HB 123: Use of Deadly Force
GENERAL BILL by Stafford ; (CO-INTRODUCERS) Pafford ; Watson, B.
Use of Deadly Force; Requires overt act to support belief that use of deadly force for specified purposes is necessary; defines "unlawful activity" for specified purposes; provides that immunity from civil & criminal liability for certain uses of deadly force does not apply to injuries to children & bystanders not affiliated with overt act.
Last Action: 5/3/2013 House - Died in Criminal Justice Subcommittee
Bill Text: PDF
HB 123, Original Filed Version (Current Bill Version) Posted 1/9/2013 at 6:18 PM
Bill Text: Analyses: None
Related Bills (1)
Bill Number Subject Filed By Relationship Last Action and Location Track Bills S 362 Use of Deadly Force Bullard Similar Last Action: 5/3/2013 S Died in Criminal Justice
Location: In committee/council (CJ)
Citations - Statutes (2)
Citation Catchline Location in Bill Location In Bill Help 776.013 Home protection; use of deadly force; presumption of fear of death or great bodily harm. Page 1 (pdf) 776.032 Immunity from criminal prosecution and civil action for justifiable use of force. Page 2 (pdf)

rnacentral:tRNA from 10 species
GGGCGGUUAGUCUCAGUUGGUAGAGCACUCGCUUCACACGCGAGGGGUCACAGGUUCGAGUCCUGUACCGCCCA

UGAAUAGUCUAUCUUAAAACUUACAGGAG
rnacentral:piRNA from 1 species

Companion bills that are identical word-for-word, not including titles. However, Resolutions and Concurrent Resolutions are considered identical if the only difference is the word "House" or "Senate."
Companion bills that are substantially similar in text or have substantial portions of text that are largely the same.
Bills that have selected provisions that are similar in text.
A bill that is contingent upon passage of another bill within the same chamber, e.g., a trust fund bill, a bill providing a public record exemption, or an implementing bill.
The page numbers, when listed, for citations are constantly under review. The journals or printed bills of the respective chambers should be consulted as the official documents of the Legislature.
The links for the page numbers are formatted to open the bill text PDF directly to the page containing the citation. However, if your browser is set to open PDFs in a new window, as is often the case with 64-bit browsers, the bill text will open to the first page.